Table 3.

Associations between geographic access to MMJ dispensaries in Zip Code Tabulation Areas (ZCTA)1 and proportion of certifications for insufficient evidence conditions in Pennsylvania2

201920202021
Incident rate ratio (95% CI)
Model 1: unadjusted associations. Distance and density modeled separately3 
 Distance to nearest dispensary (miles) 
  ≤5 0.67 (0.61, 0.73) 0.62 (0.56, 0.67) 0.62 (0.57, 0.67) 
  >5 to ≤10 0.73 (0.66, 0.80) 0.67 (0.60, 0.74) 0.70 (0.63, 0.77) 
  >10 (reference)    
 Density w/in 15 min 
  0 (reference)    
  1 0.83 (0.75, 0.92) 0.76 (0.68, 0.85) 0.78 (0.70, 0.87) 
  ≥2 0.67 (0.61, 0.72) 0.68 (0.62, 0.74) 0.66 (0.61, 0.72) 
Model 2: adjusted for median income (quartiled). Distance and density modeled separately3 
 Distance to nearest dispensary 
  ≤5 0.72 (0.66, 0.79) 0.71 (0.64, 0.78) 0.71 (0.65, 0.77) 
  >5 to ≤10 0.86 (0.78, 0.94) 0.83 (0.75, 0.91) 0.83 (0.75, 0.91) 
  >10 (reference)    
 Density w/in 15 min 
  0 (reference)    
  1 0.88 (0.80, 1.12) 0.80 (0.73, 0.88) 0.82 (0.75, 0.91) 
  ≥2 0.69 (0.63, 0.75) 0.74 (0.68, 0.81) 0.72 (0.68, 0.79) 
Model 3: adjusted for race and ethnicity (quartiled). Distance and density modeled separately3,4 
 Distance to nearest dispensary 
  ≤5 0.87 (0.78, 0.97) 0.83 (0.75, 0.93) 0.78 (0.70, 0.87) 
  >5 to ≤10 0.82 (0.75, 0.90) 0.76 (0.68, 0.84) 0.75 (0.68, 0.83) 
  >10 (reference)    
 Density w/in 15 min 
  0 (reference)    
  1 0.96 (0.86, 1.06) 0.91 (0.83, 1.01) 0.86 (0.77, 0.96) 
  ≥2 0.86 (0.78, 0.95) 0.90 (0.81, 0.99) 0.82 (0.75, 0.90) 
201920202021
Incident rate ratio (95% CI)
Model 1: unadjusted associations. Distance and density modeled separately3 
 Distance to nearest dispensary (miles) 
  ≤5 0.67 (0.61, 0.73) 0.62 (0.56, 0.67) 0.62 (0.57, 0.67)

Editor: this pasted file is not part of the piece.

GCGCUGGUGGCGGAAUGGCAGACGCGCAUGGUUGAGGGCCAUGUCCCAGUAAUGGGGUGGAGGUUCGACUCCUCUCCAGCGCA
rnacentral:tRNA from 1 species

>5 to ≤10 0.73 (0.66, 0.80) 0.67 (0.60, 0.74) 0.70 (0.63, 0.77) 
  >10 (reference)    
 Density w/in 15 min 
  0 (reference)    
  1 0.83 (0.75, 0.92) 0.76 (0.68, 0.85) 0.78 (0.70, 0.87) 
  ≥2 0.67 (0.61, 0.72) 0.68 (0.62, 0.74) 0.66 (0.61, 0.72) 
Model 2: adjusted for median income (quartiled). Distance and density modeled separately3 
 Distance to nearest dispensary 
  ≤5 0.72 (0.66, 0.79) 0.71 (0.64, 0.78) 0.71 (0.65, 0.77) 
  >5 to ≤10 0.86 (0.78, 0.94) 0.83 (0.75, 0.91) 0.83 (0.75, 0.91) 
  >10 (reference)    
 Density w/in 15 min 
  0 (reference)    
  1 0.88 (0.80, 1.12) 0.80 (0.73, 0.88) 0.82 (0.75, 0.91) 
  ≥2 0.69 (0.63, 0.75) 0.74 (0.68, 0.81) 0.72 (0.68, 0.79) 
Model 3: adjusted for race and ethnicity (quartiled). Distance and density modeled separately3,4 
 Distance to nearest dispensary 
  ≤5 0.87 (0.78, 0.97) 0.83 (0.75, 0.93) 0.78 (0.70, 0.87) 
  >5 to ≤10 0.82 (0.75, 0.90) 0.76 (0.68, 0.84) 0.75 (0.68, 0.83) 
  >10 (reference)    
 Density w/in 15 min 
  0 (reference)    
  1 0.96 (0.86, 1.06) 0.91 (0.83, 1.01) 0.86 (0.77, 0.96) 
  ≥2 0.86 (0.78, 0.95) 0.90 (0.81, 0.99) 0.82 (0.75, 0.90) 

11608 ZCTAs with at least 100 adult residents in every year from 2018 to 2021.

2Qualifying conditions that the National Academies of Sciences, Engineering, and Medicine indicates that there is no or insufficient evidence to support or refute treatment effectiveness of MMJ: amyotrophic lateral sclerosis, epilepsy, glaucoma, Huntington’s disease, opioid use disorder, and Parkinson’s disease.

3Negative binomial models separate for each outcome and year that used count variables (i.e., number of certifications) as the outcomes and log-transformed denominators (i.e., total number of certifications) as offset terms.

4Adjusted for proportion non-White and proportion Hispanic.